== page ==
Looking across our public and private sectors, it's all too easy to get alarmed by some of the headline numbers. Last week’s report from Policy Exchange appears to have fallen foul of this trap – they highlight that the median hourly pay in the public sector is 35% higher than that in the private, and that this gap increased between 2009 and 2010.
Comparing apples and oranges – public and private labour markets
Authors: Charles Levy
09 May 2011
But these statistics don’t match up like with like. Compared to the private sector, public sector employees are better educated, more concentrated in professional occupations, and the work of public sector workers is on average more complex and more reliant on knowledge intensive tasks. And since the public sector has a smaller share of low-wage jobs than the rest of the economy, we should expect public sector workers to be paid more.
Over the past year, public sector workers have on average seen stronger wage increases than those in the private sector, but this isn’t necessarily unfair. We know that in the current labour market those struggling the most are individuals with the weakest qualifications and the least experience. Since this group is under-represented in the public sector, we would expect to see the average public sector worker doing a bit better than their private sector equivalent. It is also hard to describe the average annual increase in weekly public sector earnings (reported by the ONS at approximately 2.5 per cent for the past six months) as “out of control”, particularly when much of this is driven by many multi-year pay agreements, and the Consumer Price Index is still running at 4.0 per cent.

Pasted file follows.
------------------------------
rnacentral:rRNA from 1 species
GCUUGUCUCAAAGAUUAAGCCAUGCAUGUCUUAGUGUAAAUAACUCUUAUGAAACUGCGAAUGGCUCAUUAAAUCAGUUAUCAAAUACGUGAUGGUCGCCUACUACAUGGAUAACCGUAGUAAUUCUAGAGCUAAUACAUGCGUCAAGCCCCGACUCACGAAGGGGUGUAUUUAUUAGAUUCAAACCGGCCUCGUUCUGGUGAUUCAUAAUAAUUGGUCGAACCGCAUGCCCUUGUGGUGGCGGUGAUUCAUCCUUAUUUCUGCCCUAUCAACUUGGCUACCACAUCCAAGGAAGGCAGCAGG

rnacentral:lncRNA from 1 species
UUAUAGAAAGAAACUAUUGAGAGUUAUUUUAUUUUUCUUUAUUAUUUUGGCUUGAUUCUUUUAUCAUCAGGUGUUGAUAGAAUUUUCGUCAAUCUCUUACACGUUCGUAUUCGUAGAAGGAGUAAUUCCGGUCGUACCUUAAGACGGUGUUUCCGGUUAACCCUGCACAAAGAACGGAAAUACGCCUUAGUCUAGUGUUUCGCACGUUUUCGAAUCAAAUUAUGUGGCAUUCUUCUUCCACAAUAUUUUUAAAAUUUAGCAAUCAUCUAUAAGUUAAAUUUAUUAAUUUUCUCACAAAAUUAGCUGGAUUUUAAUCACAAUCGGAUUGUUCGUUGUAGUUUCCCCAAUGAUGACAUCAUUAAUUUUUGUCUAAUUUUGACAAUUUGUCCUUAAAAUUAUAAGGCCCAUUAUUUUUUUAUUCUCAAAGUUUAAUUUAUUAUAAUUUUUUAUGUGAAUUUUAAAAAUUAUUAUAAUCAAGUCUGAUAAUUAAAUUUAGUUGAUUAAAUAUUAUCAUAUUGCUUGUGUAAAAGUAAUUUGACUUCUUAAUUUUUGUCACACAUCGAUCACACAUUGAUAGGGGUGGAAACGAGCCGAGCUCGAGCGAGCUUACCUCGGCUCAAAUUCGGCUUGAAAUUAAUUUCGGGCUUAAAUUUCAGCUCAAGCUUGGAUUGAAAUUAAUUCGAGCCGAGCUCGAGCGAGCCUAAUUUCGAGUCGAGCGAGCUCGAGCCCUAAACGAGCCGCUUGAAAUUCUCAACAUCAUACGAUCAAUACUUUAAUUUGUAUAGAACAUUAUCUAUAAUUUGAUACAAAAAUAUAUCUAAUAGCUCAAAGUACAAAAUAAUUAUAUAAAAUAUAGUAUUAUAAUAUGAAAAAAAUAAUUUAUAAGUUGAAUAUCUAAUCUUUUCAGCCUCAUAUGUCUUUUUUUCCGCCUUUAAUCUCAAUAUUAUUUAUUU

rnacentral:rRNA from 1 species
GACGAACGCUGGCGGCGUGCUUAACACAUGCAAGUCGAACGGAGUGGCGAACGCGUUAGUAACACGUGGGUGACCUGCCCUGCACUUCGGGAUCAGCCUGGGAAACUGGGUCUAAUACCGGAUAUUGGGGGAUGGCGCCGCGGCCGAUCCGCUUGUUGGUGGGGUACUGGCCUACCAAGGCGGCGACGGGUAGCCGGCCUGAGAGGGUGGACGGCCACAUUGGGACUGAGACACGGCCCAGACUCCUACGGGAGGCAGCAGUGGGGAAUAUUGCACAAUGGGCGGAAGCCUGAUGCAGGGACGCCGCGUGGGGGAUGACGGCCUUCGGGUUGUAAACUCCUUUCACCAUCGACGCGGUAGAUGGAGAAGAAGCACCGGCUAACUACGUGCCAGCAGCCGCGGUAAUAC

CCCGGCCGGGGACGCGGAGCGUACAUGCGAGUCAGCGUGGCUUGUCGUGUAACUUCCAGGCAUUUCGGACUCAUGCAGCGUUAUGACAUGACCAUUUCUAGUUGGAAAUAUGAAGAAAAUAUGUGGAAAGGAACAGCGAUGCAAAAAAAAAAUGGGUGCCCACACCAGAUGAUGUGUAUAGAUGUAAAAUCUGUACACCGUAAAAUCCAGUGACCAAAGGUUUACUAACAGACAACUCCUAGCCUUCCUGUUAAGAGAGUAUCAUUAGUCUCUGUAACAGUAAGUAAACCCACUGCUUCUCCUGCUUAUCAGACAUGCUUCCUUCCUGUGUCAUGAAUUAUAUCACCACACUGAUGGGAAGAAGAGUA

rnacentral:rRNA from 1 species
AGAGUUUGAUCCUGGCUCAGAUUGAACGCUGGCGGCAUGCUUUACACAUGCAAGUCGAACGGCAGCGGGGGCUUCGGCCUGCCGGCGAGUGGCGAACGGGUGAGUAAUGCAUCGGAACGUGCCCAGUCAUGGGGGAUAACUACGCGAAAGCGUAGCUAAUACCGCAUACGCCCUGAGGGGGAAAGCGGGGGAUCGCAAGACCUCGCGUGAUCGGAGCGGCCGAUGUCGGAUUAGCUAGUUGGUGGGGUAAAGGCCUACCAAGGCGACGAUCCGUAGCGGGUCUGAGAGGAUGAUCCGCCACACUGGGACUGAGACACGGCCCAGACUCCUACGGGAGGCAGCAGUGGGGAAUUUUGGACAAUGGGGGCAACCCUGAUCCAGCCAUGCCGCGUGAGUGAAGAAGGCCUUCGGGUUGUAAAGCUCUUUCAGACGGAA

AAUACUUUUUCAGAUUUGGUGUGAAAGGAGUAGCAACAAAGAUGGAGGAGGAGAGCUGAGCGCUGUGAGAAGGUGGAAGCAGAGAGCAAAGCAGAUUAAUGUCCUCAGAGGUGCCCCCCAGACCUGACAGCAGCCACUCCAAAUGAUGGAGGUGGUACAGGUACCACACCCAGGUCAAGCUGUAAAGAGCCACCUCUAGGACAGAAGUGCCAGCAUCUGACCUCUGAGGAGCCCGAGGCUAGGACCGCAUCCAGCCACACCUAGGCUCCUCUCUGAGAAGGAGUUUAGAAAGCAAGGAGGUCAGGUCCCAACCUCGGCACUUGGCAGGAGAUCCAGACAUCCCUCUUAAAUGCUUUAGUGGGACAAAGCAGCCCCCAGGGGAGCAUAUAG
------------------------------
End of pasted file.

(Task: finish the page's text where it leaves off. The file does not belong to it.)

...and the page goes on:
The central challenge for the public sector must be to support a lasting and sustainable recovery capable of driving income growth across the economy. While an element of this may depend on reducing the burden of public spending through pay restraint, we think that many of the important other ways in which public services connect to the economy should be receiving much greater attention. As part of our Knowledge Economy research programme we’ve been looking at how well public services are supporting innovation in our economy. We’ll be publishing on this topic later this month, but we’re concerned that in the context of cost reductions and against a background of major reform in a number of areas, the public sector is being distracted from its crucial role within our innovation ecosystem.
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